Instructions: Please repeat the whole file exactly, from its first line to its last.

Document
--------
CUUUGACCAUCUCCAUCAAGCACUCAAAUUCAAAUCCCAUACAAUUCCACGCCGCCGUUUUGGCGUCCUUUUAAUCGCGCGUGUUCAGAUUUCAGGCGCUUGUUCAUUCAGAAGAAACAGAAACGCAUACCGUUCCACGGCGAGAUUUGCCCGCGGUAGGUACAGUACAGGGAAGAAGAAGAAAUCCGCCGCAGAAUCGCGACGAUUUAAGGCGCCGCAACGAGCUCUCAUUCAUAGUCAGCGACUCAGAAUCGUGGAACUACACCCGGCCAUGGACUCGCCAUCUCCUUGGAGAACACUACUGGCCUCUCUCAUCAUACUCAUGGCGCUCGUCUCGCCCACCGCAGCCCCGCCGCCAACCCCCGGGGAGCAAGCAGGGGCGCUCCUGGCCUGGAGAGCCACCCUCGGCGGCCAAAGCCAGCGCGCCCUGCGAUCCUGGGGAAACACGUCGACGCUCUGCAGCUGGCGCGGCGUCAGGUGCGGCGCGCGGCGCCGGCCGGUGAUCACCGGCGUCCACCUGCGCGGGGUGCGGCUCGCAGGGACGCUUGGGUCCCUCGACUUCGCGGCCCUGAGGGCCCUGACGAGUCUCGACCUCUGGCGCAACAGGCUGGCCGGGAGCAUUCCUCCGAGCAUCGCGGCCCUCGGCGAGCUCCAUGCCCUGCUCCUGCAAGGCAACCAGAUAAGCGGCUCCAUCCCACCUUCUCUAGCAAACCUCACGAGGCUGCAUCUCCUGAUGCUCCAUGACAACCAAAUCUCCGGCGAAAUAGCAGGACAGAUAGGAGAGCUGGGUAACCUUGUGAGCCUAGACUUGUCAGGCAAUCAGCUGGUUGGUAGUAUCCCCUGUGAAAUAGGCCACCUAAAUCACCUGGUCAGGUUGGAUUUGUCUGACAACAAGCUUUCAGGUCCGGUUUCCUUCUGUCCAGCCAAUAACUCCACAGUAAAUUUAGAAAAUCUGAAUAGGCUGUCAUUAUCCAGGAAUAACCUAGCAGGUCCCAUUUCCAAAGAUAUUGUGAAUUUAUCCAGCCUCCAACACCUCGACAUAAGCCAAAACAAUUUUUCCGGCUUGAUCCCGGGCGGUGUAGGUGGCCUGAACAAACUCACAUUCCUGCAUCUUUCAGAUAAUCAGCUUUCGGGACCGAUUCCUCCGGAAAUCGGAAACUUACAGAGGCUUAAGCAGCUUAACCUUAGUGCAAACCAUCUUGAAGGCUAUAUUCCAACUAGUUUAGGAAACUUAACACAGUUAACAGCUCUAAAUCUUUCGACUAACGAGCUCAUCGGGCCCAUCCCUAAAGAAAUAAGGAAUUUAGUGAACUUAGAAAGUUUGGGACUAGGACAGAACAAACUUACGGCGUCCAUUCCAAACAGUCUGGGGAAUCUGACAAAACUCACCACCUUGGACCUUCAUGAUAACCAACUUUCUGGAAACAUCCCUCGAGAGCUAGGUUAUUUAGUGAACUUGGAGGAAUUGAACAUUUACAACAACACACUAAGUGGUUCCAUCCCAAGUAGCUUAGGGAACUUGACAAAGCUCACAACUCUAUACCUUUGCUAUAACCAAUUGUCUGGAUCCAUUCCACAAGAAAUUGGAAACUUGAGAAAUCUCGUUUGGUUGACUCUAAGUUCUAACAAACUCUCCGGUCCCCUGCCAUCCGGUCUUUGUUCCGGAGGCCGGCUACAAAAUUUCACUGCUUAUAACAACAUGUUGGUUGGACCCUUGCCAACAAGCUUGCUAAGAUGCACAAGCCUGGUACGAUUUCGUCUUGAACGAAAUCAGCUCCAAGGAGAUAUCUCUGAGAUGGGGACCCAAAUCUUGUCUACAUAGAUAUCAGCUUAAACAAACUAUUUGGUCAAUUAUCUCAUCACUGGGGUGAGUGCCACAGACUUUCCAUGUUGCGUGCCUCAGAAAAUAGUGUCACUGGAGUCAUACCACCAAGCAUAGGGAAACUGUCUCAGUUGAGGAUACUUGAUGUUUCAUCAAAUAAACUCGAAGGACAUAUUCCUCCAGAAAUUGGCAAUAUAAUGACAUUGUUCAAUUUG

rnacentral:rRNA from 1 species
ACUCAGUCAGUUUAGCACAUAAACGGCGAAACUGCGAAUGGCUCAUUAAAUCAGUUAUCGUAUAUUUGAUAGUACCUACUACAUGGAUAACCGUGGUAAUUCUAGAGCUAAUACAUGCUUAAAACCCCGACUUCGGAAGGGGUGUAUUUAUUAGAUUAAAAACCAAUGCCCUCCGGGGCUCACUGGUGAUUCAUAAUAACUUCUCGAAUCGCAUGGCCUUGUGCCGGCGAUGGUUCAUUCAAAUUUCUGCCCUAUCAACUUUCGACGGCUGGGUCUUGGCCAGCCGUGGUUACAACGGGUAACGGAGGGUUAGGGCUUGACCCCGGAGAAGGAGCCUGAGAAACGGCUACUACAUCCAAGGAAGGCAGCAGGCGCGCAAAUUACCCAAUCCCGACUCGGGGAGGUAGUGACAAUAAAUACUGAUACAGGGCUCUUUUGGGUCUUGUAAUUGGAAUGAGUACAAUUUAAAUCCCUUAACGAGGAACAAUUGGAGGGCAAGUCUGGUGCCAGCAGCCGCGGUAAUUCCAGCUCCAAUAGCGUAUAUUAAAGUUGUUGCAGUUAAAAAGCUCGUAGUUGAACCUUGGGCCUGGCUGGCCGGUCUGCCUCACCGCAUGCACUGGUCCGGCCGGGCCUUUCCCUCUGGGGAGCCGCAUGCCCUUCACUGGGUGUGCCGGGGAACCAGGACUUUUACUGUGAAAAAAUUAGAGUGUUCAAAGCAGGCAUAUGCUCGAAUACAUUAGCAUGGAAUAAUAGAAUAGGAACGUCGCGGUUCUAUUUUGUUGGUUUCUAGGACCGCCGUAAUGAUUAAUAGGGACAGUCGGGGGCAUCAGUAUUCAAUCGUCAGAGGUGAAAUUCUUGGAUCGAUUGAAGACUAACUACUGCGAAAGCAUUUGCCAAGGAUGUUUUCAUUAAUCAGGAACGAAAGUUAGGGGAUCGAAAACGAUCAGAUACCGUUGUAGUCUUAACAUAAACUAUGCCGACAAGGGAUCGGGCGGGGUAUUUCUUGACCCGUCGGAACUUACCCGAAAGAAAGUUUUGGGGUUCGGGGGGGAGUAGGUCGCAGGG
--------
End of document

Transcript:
CUUUGACCAUCUCCAUCAAGCACUCAAAUUCAAAUCCCAUACAAUUCCACGCCGCCGUUUUGGCGUCCUUUUAAUCGCGCGUGUUCAGAUUUCAGGCGCUUGUUCAUUCAGAAGAAACAGAAACGCAUACCGUUCCACGGCGAGAUUUGCCCGCGGUAGGUACAGUACAGGGAAGAAGAAGAAAUCCGCCGCAGAAUCGCGACGAUUUAAGGCGCCGCAACGAGCUCUCAUUCAUAGUCAGCGACUCAGAAUCGUGGAACUACACCCGGCCAUGGACUCGCCAUCUCCUUGGAGAACACUACUGGCCUCUCUCAUCAUACUCAUGGCGCUCGUCUCGCCCACCGCAGCCCCGCCGCCAACCCCCGGGGAGCAAGCAGGGGCGCUCCUGGCCUGGAGAGCCACCCUCGGCGGCCAAAGCCAGCGCGCCCUGCGAUCCUGGGGAAACACGUCGACGCUCUGCAGCUGGCGCGGCGUCAGGUGCGGCGCGCGGCGCCGGCCGGUGAUCACCGGCGUCCACCUGCGCGGGGUGCGGCUCGCAGGGACGCUUGGGUCCCUCGACUUCGCGGCCCUGAGGGCCCUGACGAGUCUCGACCUCUGGCGCAACAGGCUGGCCGGGAGCAUUCCUCCGAGCAUCGCGGCCCUCGGCGAGCUCCAUGCCCUGCUCCUGCAAGGCAACCAGAUAAGCGGCUCCAUCCCACCUUCUCUAGCAAACCUCACGAGGCUGCAUCUCCUGAUGCUCCAUGACAACCAAAUCUCCGGCGAAAUAGCAGGACAGAUAGGAGAGCUGGGUAACCUUGUGAGCCUAGACUUGUCAGGCAAUCAGCUGGUUGGUAGUAUCCCCUGUGAAAUAGGCCACCUAAAUCACCUGGUCAGGUUGGAUUUGUCUGACAACAAGCUUUCAGGUCCGGUUUCCUUCUGUCCAGCCAAUAACUCCACAGUAAAUUUAGAAAAUCUGAAUAGGCUGUCAUUAUCCAGGAAUAACCUAGCAGGUCCCAUUUCCAAAGAUAUUGUGAAUUUAUCCAGCCUCCAACACCUCGACAUAAGCCAAAACAAUUUUUCCGGCUUGAUCCCGGGCGGUGUAGGUGGCCUGAACAAACUCACAUUCCUGCAUCUUUCAGAUAAUCAGCUUUCGGGACCGAUUCCUCCGGAAAUCGGAAACUUACAGAGGCUUAAGCAGCUUAACCUUAGUGCAAACCAUCUUGAAGGCUAUAUUCCAACUAGUUUAGGAAACUUAACACAGUUAACAGCUCUAAAUCUUUCGACUAACGAGCUCAUCGGGCCCAUCCCUAAAGAAAUAAGGAAUUUAGUGAACUUAGAAAGUUUGGGACUAGGACAGAACAAACUUACGGCGUCCAUUCCAAACAGUCUGGGGAAUCUGACAAAACUCACCACCUUGGACCUUCAUGAUAACCAACUUUCUGGAAACAUCCCUCGAGAGCUAGGUUAUUUAGUGAACUUGGAGGAAUUGAACAUUUACAACAACACACUAAGUGGUUCCAUCCCAAGUAGCUUAGGGAACUUGACAAAGCUCACAACUCUAUACCUUUGCUAUAACCAAUUGUCUGGAUCCAUUCCACAAGAAAUUGGAAACUUGAGAAAUCUCGUUUGGUUGACUCUAAGUUCUAACAAACUCUCCGGUCCCCUGCCAUCCGGUCUUUGUUCCGGAGGCCGGCUACAAAAUUUCACUGCUUAUAACAACAUGUUGGUUGGACCCUUGCCAACAAGCUUGCUAAGAUGCACAAGCCUGGUACGAUUUCGUCUUGAACGAAAUCAGCUCCAAGGAGAUAUCUCUGAGAUGGGGACCCAAAUCUUGUCUACAUAGAUAUCAGCUUAAACAAACUAUUUGGUCAAUUAUCUCAUCACUGGGGUGAGUGCCACAGACUUUCCAUGUUGCGUGCCUCAGAAAAUAGUGUCACUGGAGUCAUACCACCAAGCAUAGGGAAACUGUCUCAGUUGAGGAUACUUGAUGUUUCAUCAAAUAAACUCGAAGGACAUAUUCCUCCAGAAAUUGGCAAUAUAAUGACAUUGUUCAAUUUG

rnacentral:rRNA from 1 species
ACUCAGUCAGUUUAGCACAUAAACGGCGAAACUGCGAAUGGCUCAUUAAAUCAGUUAUCGUAUAUUUGAUAGUACCUACUACAUGGAUAACCGUGGUAAUUCUAGAGCUAAUACAUGCUUAAAACCCCGACUUCGGAAGGGGUGUAUUUAUUAGAUUAAAAACCAAUGCCCUCCGGGGCUCACUGGUGAUUCAUAAUAACUUCUCGAAUCGCAUGGCCUUGUGCCGGCGAUGGUUCAUUCAAAUUUCUGCCCUAUCAACUUUCGACGGCUGGGUCUUGGCCAGCCGUGGUUACAACGGGUAACGGAGGGUUAGGGCUUGACCCCGGAGAAGGAGCCUGAGAAACGGCUACUACAUCCAAGGAAGGCAGCAGGCGCGCAAAUUACCCAAUCCCGACUCGGGGAGGUAGUGACAAUAAAUACUGAUACAGGGCUCUUUUGGGUCUUGUAAUUGGAAUGAGUACAAUUUAAAUCCCUUAACGAGGAACAAUUGGAGGGCAAGUCUGGUGCCAGCAGCCGCGGUAAUUCCAGCUCCAAUAGCGUAUAUUAAAGUUGUUGCAGUUAAAAAGCUCGUAGUUGAACCUUGGGCCUGGCUGGCCGGUCUGCCUCACCGCAUGCACUGGUCCGGCCGGGCCUUUCCCUCUGGGGAGCCGCAUGCCCUUCACUGGGUGUGCCGGGGAACCAGGACUUUUACUGUGAAAAAAUUAGAGUGUUCAAAGCAGGCAUAUGCUCGAAUACAUUAGCAUGGAAUAAUAGAAUAGGAACGUCGCGGUUCUAUUUUGUUGGUUUCUAGGACCGCCGUAAUGAUUAAUAGGGACAGUCGGGGGCAUCAGUAUUCAAUCGUCAGAGGUGAAAUUCUUGGAUCGAUUGAAGACUAACUACUGCGAAAGCAUUUGCCAAGGAUGUUUUCAUUAAUCAGGAACGAAAGUUAGGGGAUCGAAAACGAUCAGAUACCGUUGUAGUCUUAACAUAAACUAUGCCGACAAGGGAUCGGGCGGGGUAUUUCUUGACCCGUCGGAACUUACCCGAAAGAAAGUUUUGGGGUUCGGGGGGGAGUAGGUCGCAGGG